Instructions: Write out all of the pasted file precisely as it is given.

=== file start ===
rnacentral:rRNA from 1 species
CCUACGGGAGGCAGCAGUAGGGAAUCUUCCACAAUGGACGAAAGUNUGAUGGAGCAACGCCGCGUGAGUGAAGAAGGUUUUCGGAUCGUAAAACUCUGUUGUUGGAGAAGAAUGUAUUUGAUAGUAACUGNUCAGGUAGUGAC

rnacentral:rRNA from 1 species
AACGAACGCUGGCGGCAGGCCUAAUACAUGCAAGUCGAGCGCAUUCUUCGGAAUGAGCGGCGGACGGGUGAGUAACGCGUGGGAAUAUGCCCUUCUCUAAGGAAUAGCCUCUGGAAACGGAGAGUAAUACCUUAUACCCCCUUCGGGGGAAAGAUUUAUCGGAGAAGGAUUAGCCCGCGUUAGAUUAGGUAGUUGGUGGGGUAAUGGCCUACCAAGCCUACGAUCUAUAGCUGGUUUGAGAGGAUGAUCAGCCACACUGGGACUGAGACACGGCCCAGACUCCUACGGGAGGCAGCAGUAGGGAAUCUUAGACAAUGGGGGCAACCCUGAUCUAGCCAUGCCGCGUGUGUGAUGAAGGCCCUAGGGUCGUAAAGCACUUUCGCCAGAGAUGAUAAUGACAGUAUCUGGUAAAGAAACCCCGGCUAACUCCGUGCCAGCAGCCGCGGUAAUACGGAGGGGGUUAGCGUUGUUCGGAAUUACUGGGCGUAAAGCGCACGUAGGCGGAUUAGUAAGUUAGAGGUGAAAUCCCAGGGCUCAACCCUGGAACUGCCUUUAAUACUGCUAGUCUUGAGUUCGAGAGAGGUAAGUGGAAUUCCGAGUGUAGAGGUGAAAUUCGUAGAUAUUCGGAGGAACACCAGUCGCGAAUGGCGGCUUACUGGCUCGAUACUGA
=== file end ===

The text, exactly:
rnacentral:rRNA from 1 species
CCUACGGGAGGCAGCAGUAGGGAAUCUUCCACAAUGGACGAAAGUNUGAUGGAGCAACGCCGCGUGAGUGAAGAAGGUUUUCGGAUCGUAAAACUCUGUUGUUGGAGAAGAAUGUAUUUGAUAGUAACUGNUCAGGUAGUGAC

rnacentral:rRNA from 1 species
AACGAACGCUGGCGGCAGGCCUAAUACAUGCAAGUCGAGCGCAUUCUUCGGAAUGAGCGGCGGACGGGUGAGUAACGCGUGGGAAUAUGCCCUUCUCUAAGGAAUAGCCUCUGGAAACGGAGAGUAAUACCUUAUACCCCCUUCGGGGGAAAGAUUUAUCGGAGAAGGAUUAGCCCGCGUUAGAUUAGGUAGUUGGUGGGGUAAUGGCCUACCAAGCCUACGAUCUAUAGCUGGUUUGAGAGGAUGAUCAGCCACACUGGGACUGAGACACGGCCCAGACUCCUACGGGAGGCAGCAGUAGGGAAUCUUAGACAAUGGGGGCAACCCUGAUCUAGCCAUGCCGCGUGUGUGAUGAAGGCCCUAGGGUCGUAAAGCACUUUCGCCAGAGAUGAUAAUGACAGUAUCUGGUAAAGAAACCCCGGCUAACUCCGUGCCAGCAGCCGCGGUAAUACGGAGGGGGUUAGCGUUGUUCGGAAUUACUGGGCGUAAAGCGCACGUAGGCGGAUUAGUAAGUUAGAGGUGAAAUCCCAGGGCUCAACCCUGGAACUGCCUUUAAUACUGCUAGUCUUGAGUUCGAGAGAGGUAAGUGGAAUUCCGAGUGUAGAGGUGAAAUUCGUAGAUAUUCGGAGGAACACCAGUCGCGAAUGGCGGCUUACUGGCUCGAUACUGA